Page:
A power struggle has begun for one of Scotland’s most famous treasures.
The Scottish Government has announced that Perth’s fight to reclaim the Stone of Destiny will be decided by a public debate.
The nation is being invited to have its say on whether the ancient relic should be brought to the Fair City, where it could bring in hundreds of thousands of new visitors as the centrepiece of revamped Perth City Hall.
Perth and Kinross Council put forward its application to the keepers of the Stone of Scone – the Commissioners of the Regalia – about three years ago.
However, in 2018, it emerged that Historic Environment Scotland had issued a counter-bid to keep the stone at Edinburgh Castle.
The Scottish Government has now opened an online consultation to gauge public opinion.
Views can be posed online at
To support their campaign, Perth culture chiefs have released fresh details and images of how the artefact could be displayed in the new look city hall.
The local authority said it would be at the heart of the refurbished building, inside a “Stone Pavilion”.
A dramatic short film will explain to visitors the story of the Stone, from its mythic origins to its role in early kingship ceremonies, and its creation as a powerful symbol of nationhood and monarchy.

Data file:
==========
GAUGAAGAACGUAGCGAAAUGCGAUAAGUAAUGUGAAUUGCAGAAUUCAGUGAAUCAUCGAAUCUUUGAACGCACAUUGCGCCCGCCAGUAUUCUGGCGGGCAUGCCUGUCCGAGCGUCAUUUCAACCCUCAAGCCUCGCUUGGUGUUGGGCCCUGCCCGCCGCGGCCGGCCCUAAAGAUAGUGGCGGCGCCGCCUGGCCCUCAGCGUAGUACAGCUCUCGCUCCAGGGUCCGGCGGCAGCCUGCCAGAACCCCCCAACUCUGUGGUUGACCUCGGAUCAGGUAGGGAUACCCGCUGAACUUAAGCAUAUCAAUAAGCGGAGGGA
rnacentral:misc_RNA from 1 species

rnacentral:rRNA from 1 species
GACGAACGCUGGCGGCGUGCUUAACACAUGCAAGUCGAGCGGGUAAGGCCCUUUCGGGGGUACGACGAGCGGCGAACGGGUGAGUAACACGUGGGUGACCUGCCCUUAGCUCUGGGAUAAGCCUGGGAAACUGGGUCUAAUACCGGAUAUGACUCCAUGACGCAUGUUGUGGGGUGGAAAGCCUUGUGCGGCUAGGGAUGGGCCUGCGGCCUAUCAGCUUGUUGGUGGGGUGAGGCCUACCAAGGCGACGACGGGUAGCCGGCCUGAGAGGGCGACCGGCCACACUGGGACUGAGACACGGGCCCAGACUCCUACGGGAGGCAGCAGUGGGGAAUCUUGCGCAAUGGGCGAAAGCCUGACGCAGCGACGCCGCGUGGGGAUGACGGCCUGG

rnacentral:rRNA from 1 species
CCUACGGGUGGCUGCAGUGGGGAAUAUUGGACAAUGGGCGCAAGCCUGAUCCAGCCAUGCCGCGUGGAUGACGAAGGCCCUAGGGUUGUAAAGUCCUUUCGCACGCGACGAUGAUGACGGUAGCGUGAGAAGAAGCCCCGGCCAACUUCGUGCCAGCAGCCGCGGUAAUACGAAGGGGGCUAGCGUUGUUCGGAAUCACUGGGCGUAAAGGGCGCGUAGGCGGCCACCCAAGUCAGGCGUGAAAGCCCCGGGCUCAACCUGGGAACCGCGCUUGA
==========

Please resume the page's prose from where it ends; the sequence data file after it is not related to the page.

After the film, visitors will see the Stone displayed in a custom-designed security case. It will be animated with a state-of-the-art light and sound presentation, recreating the 13th Century crowning of Alexander III.
Council leader Murray Lyle said: “The Stone of Destiny is one of the UK’s most important cultural objects.
“Here in Perth, we can display it in a context as close to its original home at Scone as possible and within reach of millions of Scottish people who live outside the central belt – meeting the aspiration of Scotland’s national heritage strategy to make our cultural heritage open to everyone.
“The transformation of City Hall is part of our wider £53 million investment in culture, part of the wider Tay Cities Deal vision to bring more visitors, high quality jobs and opportunities to the region.”
Charles Kinnoull, Chairman of Culture Perth and Kinross – the independent charity that operates museums on behalf of the council – added: “Culture Perth and Kinross is the steward of one of the UK’s oldest and most important museum collections, and we have significant experience in caring for museum objects as precious and important as the Stone of Destiny.
“People can be confident it will be safe and secure in Perth.”